You’ve survived a bear encounter in Yellowstone, too?


That’s a big paw. This is Erysse’s small hand over a fresh bear track in Yellowstone National Park. We’ve waited until now to tell our bear encounter story. Here it goes.

Late last fall, we went hiking in the park with Kim Hoberecht just before the Grizzlies went into hibernation. Our guide, who didn’t seem like the musical type, was singing constantly.

“Works better than a bell,” he said.

“A bell?”

“To scare away bears,” he clarified.


The frightening thing about our two-hour trek through the grasslands isn’t that we saw no evidence of other humans. That’s fairly normal in Yellowstone.

No, it was the fact that we saw plenty of evidence of bears.

The tracks we saw were very fresh, Hoberecht said.

We don’t carry firearms. I’m not sure if our guide was armed. But had we encountered a hungry bear along the path, I’m not sure if we would have known what to do, city slickers that we are.

“I’m not worried,” Kari said. “I don’t have to outrun the bear.”

“You don’t?” I said.

“I just have to outrun you.”

Ha. Ha.

Not so funny when the sun is starting to set, and the tracks are getting … fresher.

We didn’t see any bears that day, but we did a few days later, deeper in the park. Fortunately, we were far away when we did.

Have you ever had a close encounter with a bear in a national park?

11 thoughts on “You’ve survived a bear encounter in Yellowstone, too?

  1. Hey Chris. Seeing major wildlife–or even signs of it–is such a great thing. For most of us, it really only happens when we travel (although here in the Vancouver area, we see Bald Eagles with some frequency). As for bears, my two most-awesome sightings were: 1. Seeing a polar bear on an over the railing of a cruise ship, and 2. Seeing mother bears and cubs in the wild near Ketchikan (you should take your kids on an Alaska cruise–AMAZING). Hope to run into you one of these days, and cheers.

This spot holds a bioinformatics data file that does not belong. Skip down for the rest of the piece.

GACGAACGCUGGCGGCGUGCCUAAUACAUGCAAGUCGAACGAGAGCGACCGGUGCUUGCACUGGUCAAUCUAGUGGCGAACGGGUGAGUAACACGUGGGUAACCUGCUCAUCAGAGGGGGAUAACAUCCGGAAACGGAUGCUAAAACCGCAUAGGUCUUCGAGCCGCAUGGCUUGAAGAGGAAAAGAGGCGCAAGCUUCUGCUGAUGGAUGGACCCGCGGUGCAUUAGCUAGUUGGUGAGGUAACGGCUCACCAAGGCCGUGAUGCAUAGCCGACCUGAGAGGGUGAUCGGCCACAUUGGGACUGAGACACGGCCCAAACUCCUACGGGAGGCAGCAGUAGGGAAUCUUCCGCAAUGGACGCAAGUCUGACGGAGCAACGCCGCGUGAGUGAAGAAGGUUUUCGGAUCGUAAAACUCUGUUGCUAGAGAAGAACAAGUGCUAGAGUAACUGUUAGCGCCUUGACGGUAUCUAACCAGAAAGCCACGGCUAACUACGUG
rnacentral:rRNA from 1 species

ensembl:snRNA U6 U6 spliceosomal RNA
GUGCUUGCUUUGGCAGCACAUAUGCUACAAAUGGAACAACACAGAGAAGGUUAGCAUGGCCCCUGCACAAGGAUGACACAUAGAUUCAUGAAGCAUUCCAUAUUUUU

2. Never in a national park – not even Yellowstone. But in northern Ontario. Yes. Several times.

  3. Had a black bear lean on the front of my dad’s new station wagon when we were driving thru the park when I was a kid!

  4. I was out picking blue berries in the mountains of Montana by myself and saw a head look up over the top of the bushes. I thought it was a dog and said, come here, puppy and the animal started up the hill toward me. As it got closer it looked at me and I looked at it and it was a full grown bear. I said, you aren’t a dog, and it seemed to think I wasn’t what it expected and it headed down hill and I headed up hill. Two berry pickers but two who shouldn’t have met. I was probibly twenty feet from the bear when he took off down hill. It was the end of my berry picking for the day.

  5. I’m probably not telling this right, it’s been many years since I heard it…

    Forest ranger is telling a group of hikers to keep an eye out for bears while hiking. He warns them about Grizzlies especially. As a precaution, he recommends that hikers wear bells on their clothing so to warn bears so that they won’t get startled and to carry pepper spray to spray into the air to confuse the bear’s sense of smell.

    One hiker asks how they can tell if there are bears around and the ranger says to look for bear scat. Then the hiker asks how to tell the difference between regular bear scat and grizzly bear scat. The ranger tells him, Grizzly bear scat usually has bells in it and smells like pepper spray…

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